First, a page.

Twitter head Elon Musk made a compelling announcement on Friday that Microsoft Corporation obtained “exclusive access to the entire Open AI codebase” So what…
Africa’s mobile numbers, and where to find them
It’s not a big surprise to see Nokia’s Symbian operating system is the most popular in Africa. We all knew that, but it’s by how much that draws your attention. Royal Pingdom has an excellent post on the web usage (which is what they can measure) of the top OS use around the world. It’s amazing to see the difference between Africa, Asia and South America as opposed to Europe and North America.
While, as a developer, it’s more sexy to work on the cutting-edge operating systems like iPhone and iPad’s iOS and Android you’d be making a mistake to do that in Africa. Unless you’re developing apps that are global in scale or you’re doing client work, you should be focusing on Symbian (or Samsung’s Bada OS in some countries). It’s where the numbers are.
Reaching Ordinary Africans
This brings to mind something I’ve been thinking about for a while. Mxit, as most people know now, is the mobile social network out of South Africa. It was built about 4 years ago and has 20 million+ users.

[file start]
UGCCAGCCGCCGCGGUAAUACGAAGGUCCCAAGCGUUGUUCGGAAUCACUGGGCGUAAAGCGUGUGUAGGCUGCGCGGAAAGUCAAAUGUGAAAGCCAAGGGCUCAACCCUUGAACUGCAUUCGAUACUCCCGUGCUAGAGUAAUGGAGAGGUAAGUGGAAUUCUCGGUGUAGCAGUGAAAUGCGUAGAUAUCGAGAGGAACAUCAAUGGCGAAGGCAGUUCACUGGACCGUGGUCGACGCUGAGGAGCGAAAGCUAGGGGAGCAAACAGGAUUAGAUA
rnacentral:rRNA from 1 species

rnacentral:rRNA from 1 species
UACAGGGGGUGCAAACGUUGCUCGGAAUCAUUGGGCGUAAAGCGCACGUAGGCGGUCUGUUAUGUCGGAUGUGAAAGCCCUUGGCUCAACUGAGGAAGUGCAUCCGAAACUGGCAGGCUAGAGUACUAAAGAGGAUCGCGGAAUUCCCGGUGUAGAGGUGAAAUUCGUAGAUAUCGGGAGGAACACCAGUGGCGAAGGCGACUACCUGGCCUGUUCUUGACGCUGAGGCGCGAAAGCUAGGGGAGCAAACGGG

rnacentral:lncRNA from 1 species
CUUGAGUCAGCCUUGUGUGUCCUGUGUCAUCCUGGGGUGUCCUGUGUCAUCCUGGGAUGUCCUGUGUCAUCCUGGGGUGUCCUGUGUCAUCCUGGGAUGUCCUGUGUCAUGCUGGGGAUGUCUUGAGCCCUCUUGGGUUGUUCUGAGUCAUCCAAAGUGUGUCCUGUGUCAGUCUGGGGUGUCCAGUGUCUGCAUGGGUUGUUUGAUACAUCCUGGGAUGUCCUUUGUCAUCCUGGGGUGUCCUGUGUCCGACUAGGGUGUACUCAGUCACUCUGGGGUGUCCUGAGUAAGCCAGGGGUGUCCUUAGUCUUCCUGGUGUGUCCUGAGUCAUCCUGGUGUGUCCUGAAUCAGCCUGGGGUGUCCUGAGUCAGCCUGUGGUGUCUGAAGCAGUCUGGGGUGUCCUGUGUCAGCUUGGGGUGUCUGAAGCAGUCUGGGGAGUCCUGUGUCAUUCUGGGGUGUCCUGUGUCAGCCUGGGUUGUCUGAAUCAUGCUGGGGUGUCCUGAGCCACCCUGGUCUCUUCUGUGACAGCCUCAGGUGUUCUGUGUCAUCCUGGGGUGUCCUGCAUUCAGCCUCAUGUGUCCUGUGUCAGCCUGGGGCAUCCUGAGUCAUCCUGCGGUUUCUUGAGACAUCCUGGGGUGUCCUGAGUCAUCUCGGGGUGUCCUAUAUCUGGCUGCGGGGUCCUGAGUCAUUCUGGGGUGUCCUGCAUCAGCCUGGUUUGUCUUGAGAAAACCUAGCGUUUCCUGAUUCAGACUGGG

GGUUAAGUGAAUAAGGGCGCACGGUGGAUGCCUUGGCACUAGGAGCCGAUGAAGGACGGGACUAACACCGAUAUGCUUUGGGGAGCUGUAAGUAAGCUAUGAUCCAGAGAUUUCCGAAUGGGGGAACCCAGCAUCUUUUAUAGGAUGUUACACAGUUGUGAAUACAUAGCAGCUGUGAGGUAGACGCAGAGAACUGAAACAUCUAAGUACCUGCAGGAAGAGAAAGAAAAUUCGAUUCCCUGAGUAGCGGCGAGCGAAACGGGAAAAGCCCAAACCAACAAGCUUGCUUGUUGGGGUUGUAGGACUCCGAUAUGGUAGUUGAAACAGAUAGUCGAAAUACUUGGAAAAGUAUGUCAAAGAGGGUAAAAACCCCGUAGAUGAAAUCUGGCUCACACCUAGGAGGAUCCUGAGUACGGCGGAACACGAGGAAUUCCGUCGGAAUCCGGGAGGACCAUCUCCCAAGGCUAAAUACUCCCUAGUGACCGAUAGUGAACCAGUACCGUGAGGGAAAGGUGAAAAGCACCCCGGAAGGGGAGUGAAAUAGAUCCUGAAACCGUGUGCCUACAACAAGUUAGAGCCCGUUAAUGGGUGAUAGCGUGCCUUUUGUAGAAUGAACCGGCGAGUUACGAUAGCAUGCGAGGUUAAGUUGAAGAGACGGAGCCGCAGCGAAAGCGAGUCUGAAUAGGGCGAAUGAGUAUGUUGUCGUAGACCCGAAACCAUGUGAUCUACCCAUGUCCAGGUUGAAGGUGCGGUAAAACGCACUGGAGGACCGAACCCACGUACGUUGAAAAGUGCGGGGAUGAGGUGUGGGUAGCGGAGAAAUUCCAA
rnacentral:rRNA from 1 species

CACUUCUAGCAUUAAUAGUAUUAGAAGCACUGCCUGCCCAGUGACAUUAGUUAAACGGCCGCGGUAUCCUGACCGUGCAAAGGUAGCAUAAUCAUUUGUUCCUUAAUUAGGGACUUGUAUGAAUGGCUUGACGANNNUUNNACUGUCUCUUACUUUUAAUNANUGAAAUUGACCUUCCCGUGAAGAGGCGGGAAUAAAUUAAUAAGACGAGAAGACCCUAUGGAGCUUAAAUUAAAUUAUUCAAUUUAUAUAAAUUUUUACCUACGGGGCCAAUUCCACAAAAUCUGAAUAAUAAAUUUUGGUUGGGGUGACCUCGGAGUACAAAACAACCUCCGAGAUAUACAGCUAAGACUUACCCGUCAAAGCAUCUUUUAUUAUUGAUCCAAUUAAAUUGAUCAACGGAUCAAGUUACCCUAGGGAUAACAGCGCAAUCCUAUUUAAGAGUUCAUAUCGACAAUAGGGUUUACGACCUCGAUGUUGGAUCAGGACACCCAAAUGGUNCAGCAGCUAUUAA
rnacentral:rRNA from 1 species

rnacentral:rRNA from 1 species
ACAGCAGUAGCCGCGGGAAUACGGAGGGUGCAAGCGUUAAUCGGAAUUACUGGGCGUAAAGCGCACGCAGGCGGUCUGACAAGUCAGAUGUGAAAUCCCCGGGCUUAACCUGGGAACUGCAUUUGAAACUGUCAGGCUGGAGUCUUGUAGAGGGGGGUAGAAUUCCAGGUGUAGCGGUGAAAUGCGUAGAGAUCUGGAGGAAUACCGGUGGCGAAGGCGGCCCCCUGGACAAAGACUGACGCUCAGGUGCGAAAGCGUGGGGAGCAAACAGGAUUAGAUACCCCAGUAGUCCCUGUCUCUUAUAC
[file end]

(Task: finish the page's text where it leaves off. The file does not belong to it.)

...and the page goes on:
Mxit didn’t get big because it tried to build something that was cool and sexy for the middle/upper classes in South Africa (which is what so many try to do there). Instead, the company built one of Africa’s most successful tech companies by focusing on everyday South African youth and fulfilling their needs.
In fact, you can take this one step further. Almost any meaningful success in Africa’s mobile or web space has been from companies focused on meeting the needs of ordinary people. Go ahead, think of the success stories in Africa’s tech space, now name them and see if they’re made for a global market, Africa’s elite, or for the masses.
To reach African tech users requires a shift in headspace from the lofty ideals of smartphones to the practical realities of life for the majority of people.